One thing I recommend to foreigners when they travel to Korea is “definitely visit a jjimjilbang while you’re there”. These come in all shapes and sizes, but a jjimjilbang is a Korean bathhouse or spa that caters to Koreans and others as a way to relax and even realign your energies. The typical bathhouse has gendered bathing areas and sleeping rooms, they unfortunately are not yet transgender friendly. Other features may be an arcade, a scrubbing station, Karaoke, steam and ice rooms, outdoor pools, restaurants, masseuses, and even movie viewing areas. In bigger bathhouses, the pool, restaurant and other amenities may be mixed gender.
When you check in, you receive a towel, clothes, and a wristband with a sensor and key. This wristband will allow you to pay for whatever services you use while there, including full body scrubs and massages. The bathing areas are communal and will have a section for you to lock your clothes and belongings in the provided lockers. This, in turn, has an area for bathrooms and getting ready to go back out in society.
The bathing area has between five and ten different pools for you to use ranging from very cold to almost scalding. The bathhouse I visited, Dragon Hill Spa, has gingseng baths which were delightful and so comfortable. The outdoor gingseng bath in particular was awesome as I could relax in the sun and bathe.
Don't Be an Uninformed Foreigner
One of the biggest faux pas you can possibly make in a Korean bath house is not knowing what you should do when at a bath house. Upon arrival, you will receive: 1 small towel (not great for much if you're not used to it a.k.a American), the most unflattering baggy shorts and t-shirt, and a receipt or wristband for the lockers. When you first enter and get your wrist band, you will go to a small locker room where you will store your shoes, the locker number will coincide with either your wristband number or the number on your receipt, as well as a locker in the main gendered locker room where you will store your belongings (bags, clothes, etcetera). Once you reach the main locker room you can choose to either strip down and go straight to the baths or put on the clothing provided and explore, either is great, I prefer to bathe first instead of other things. Don't be afraid, you'll likely be more self-conscious than others will be, just relax and enjoy the experience.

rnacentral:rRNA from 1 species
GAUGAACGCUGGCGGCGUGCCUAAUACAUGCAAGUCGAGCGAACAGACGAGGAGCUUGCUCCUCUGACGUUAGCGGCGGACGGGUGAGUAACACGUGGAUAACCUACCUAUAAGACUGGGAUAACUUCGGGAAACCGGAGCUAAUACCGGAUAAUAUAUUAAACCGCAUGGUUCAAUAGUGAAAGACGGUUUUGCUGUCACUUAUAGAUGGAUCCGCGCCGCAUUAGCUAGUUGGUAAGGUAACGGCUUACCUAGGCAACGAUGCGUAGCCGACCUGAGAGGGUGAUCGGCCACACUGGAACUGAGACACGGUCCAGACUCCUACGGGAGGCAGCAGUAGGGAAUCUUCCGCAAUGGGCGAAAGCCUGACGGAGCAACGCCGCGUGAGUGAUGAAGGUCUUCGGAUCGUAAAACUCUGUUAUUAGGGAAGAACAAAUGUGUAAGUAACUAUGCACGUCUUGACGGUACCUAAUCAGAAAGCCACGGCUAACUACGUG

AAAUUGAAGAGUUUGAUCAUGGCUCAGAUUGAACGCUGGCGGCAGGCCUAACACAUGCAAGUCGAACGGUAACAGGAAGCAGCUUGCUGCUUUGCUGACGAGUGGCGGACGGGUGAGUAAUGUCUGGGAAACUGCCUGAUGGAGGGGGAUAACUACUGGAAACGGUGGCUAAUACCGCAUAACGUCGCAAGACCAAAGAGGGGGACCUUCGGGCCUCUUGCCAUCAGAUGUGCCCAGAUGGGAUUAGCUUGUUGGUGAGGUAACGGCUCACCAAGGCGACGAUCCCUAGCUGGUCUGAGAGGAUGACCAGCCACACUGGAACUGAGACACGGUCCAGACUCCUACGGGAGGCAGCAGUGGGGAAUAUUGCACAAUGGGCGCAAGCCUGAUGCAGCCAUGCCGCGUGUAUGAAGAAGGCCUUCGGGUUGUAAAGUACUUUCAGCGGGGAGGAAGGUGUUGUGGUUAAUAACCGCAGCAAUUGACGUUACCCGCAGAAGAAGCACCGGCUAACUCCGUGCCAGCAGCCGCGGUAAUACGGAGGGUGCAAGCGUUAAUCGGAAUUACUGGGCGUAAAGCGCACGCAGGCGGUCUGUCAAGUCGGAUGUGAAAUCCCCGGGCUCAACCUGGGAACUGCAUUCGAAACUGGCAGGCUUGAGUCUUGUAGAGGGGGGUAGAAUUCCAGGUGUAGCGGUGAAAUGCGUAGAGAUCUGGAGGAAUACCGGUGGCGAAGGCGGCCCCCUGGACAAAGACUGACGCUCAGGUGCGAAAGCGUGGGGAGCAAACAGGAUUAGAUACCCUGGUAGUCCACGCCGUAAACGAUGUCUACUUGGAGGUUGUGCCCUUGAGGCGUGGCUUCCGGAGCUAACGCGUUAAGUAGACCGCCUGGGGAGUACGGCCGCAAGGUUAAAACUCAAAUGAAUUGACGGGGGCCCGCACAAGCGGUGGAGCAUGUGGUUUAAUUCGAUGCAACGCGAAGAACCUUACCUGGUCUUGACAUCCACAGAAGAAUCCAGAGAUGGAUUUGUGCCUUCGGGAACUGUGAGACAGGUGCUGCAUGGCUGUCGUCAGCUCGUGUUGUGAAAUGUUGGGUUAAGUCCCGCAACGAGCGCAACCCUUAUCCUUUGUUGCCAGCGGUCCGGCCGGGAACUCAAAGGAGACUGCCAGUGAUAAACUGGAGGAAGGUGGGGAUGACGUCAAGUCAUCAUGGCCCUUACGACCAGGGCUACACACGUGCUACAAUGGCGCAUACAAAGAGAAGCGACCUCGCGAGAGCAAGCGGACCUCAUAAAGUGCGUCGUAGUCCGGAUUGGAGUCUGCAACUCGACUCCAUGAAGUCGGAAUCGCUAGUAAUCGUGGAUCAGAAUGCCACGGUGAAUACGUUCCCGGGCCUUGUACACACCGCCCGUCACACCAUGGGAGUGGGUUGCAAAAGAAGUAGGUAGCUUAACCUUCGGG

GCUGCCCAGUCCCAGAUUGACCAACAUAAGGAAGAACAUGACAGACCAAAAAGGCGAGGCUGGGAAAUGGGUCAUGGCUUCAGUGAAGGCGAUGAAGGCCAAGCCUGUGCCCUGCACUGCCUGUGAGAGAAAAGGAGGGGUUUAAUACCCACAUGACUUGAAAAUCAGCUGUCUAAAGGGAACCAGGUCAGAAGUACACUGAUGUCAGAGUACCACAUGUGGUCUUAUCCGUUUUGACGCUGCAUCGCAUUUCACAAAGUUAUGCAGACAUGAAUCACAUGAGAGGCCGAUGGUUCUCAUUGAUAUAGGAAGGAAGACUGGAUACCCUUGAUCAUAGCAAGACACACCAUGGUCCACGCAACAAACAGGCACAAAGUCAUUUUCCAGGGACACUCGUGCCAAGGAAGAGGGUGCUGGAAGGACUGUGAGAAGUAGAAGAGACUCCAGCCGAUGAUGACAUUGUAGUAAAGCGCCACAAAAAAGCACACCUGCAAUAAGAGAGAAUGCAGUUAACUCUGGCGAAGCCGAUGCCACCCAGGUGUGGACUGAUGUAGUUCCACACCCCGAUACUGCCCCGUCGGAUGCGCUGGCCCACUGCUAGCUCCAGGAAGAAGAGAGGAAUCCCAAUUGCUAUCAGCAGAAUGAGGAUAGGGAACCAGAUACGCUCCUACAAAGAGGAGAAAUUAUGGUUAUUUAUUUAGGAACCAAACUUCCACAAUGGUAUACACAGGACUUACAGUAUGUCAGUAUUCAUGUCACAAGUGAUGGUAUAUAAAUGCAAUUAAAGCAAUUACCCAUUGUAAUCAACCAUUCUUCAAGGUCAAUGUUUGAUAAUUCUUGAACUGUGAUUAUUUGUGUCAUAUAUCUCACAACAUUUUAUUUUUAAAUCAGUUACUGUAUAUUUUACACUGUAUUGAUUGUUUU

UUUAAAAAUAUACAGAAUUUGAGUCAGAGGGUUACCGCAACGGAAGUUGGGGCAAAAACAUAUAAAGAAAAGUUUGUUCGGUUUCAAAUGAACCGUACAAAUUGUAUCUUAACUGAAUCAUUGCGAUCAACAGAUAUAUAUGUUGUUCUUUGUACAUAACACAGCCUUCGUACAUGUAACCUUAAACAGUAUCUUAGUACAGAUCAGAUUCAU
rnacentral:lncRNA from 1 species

You Should DEFINITELY Shower Beforehand
This is imperative and a massive mistake I made when I was there. I didn’t know about this and I did it wrong. When you get there, showers are set up in the bathing areas for you to wash off shampoos, conditioners, and any body wash. It also helps to remove any natural oils that could cause issues in the filtration system, after all you’ll be using these as well as other people. The same way you should shower before swimming you should shower before going in the pools. This allows them to keep the pools clean and free of any chemicals or particles that may clog them or cause diseases. It also keeps irritants like perfumes from getting into communal bathing areas. If you don’t do this, you may be contaminating the baths as they are not all salinated or chlorinated. This ensures a safe, clean environment for visitors and reduces the amount of work that employees have to do.
You Will Get Some Stares